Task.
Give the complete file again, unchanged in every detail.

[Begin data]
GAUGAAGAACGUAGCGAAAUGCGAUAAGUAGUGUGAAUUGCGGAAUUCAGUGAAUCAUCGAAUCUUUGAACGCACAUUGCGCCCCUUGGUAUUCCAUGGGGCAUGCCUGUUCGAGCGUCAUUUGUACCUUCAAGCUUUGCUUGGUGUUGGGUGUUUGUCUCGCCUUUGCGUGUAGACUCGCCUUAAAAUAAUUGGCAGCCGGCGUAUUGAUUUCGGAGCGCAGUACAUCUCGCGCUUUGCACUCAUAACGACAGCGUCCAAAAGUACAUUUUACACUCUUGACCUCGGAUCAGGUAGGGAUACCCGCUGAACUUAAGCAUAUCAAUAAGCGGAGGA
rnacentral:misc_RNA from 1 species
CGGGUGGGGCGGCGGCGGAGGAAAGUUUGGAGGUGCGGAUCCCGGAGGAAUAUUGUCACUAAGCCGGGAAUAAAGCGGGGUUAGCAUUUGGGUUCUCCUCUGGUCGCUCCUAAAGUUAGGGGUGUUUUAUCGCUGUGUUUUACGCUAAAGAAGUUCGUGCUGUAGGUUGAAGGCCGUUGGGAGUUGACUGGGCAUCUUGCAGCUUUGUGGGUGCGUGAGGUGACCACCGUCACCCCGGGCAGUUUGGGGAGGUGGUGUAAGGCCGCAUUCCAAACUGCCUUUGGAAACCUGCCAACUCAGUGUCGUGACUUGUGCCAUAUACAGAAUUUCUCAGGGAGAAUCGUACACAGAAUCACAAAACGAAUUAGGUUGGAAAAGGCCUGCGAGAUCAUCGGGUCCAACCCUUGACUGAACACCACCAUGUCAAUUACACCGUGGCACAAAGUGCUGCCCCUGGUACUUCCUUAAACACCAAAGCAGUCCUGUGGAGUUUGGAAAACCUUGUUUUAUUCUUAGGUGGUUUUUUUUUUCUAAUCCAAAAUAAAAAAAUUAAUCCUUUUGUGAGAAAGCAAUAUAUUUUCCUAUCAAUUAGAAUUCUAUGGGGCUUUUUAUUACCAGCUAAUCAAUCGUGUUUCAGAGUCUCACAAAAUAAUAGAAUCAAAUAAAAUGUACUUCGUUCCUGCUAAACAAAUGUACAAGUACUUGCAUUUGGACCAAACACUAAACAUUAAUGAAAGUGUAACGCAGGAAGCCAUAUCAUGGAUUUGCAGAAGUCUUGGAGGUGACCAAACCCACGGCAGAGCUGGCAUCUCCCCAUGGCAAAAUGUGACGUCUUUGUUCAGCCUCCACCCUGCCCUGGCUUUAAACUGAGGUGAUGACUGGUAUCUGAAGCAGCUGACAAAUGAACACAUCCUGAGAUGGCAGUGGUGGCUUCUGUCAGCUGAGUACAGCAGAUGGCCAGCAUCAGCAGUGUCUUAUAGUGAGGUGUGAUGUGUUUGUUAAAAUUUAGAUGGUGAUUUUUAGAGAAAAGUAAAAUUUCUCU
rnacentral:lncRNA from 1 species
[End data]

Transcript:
GAUGAAGAACGUAGCGAAAUGCGAUAAGUAGUGUGAAUUGCGGAAUUCAGUGAAUCAUCGAAUCUUUGAACGCACAUUGCGCCCCUUGGUAUUCCAUGGGGCAUGCCUGUUCGAGCGUCAUUUGUACCUUCAAGCUUUGCUUGGUGUUGGGUGUUUGUCUCGCCUUUGCGUGUAGACUCGCCUUAAAAUAAUUGGCAGCCGGCGUAUUGAUUUCGGAGCGCAGUACAUCUCGCGCUUUGCACUCAUAACGACAGCGUCCAAAAGUACAUUUUACACUCUUGACCUCGGAUCAGGUAGGGAUACCCGCUGAACUUAAGCAUAUCAAUAAGCGGAGGA
rnacentral:misc_RNA from 1 species
CGGGUGGGGCGGCGGCGGAGGAAAGUUUGGAGGUGCGGAUCCCGGAGGAAUAUUGUCACUAAGCCGGGAAUAAAGCGGGGUUAGCAUUUGGGUUCUCCUCUGGUCGCUCCUAAAGUUAGGGGUGUUUUAUCGCUGUGUUUUACGCUAAAGAAGUUCGUGCUGUAGGUUGAAGGCCGUUGGGAGUUGACUGGGCAUCUUGCAGCUUUGUGGGUGCGUGAGGUGACCACCGUCACCCCGGGCAGUUUGGGGAGGUGGUGUAAGGCCGCAUUCCAAACUGCCUUUGGAAACCUGCCAACUCAGUGUCGUGACUUGUGCCAUAUACAGAAUUUCUCAGGGAGAAUCGUACACAGAAUCACAAAACGAAUUAGGUUGGAAAAGGCCUGCGAGAUCAUCGGGUCCAACCCUUGACUGAACACCACCAUGUCAAUUACACCGUGGCACAAAGUGCUGCCCCUGGUACUUCCUUAAACACCAAAGCAGUCCUGUGGAGUUUGGAAAACCUUGUUUUAUUCUUAGGUGGUUUUUUUUUUCUAAUCCAAAAUAAAAAAAUUAAUCCUUUUGUGAGAAAGCAAUAUAUUUUCCUAUCAAUUAGAAUUCUAUGGGGCUUUUUAUUACCAGCUAAUCAAUCGUGUUUCAGAGUCUCACAAAAUAAUAGAAUCAAAUAAAAUGUACUUCGUUCCUGCUAAACAAAUGUACAAGUACUUGCAUUUGGACCAAACACUAAACAUUAAUGAAAGUGUAACGCAGGAAGCCAUAUCAUGGAUUUGCAGAAGUCUUGGAGGUGACCAAACCCACGGCAGAGCUGGCAUCUCCCCAUGGCAAAAUGUGACGUCUUUGUUCAGCCUCCACCCUGCCCUGGCUUUAAACUGAGGUGAUGACUGGUAUCUGAAGCAGCUGACAAAUGAACACAUCCUGAGAUGGCAGUGGUGGCUUCUGUCAGCUGAGUACAGCAGAUGGCCAGCAUCAGCAGUGUCUUAUAGUGAGGUGUGAUGUGUUUGUUAAAAUUUAGAUGGUGAUUUUUAGAGAAAAGUAAAAUUUCUCU
rnacentral:lncRNA from 1 species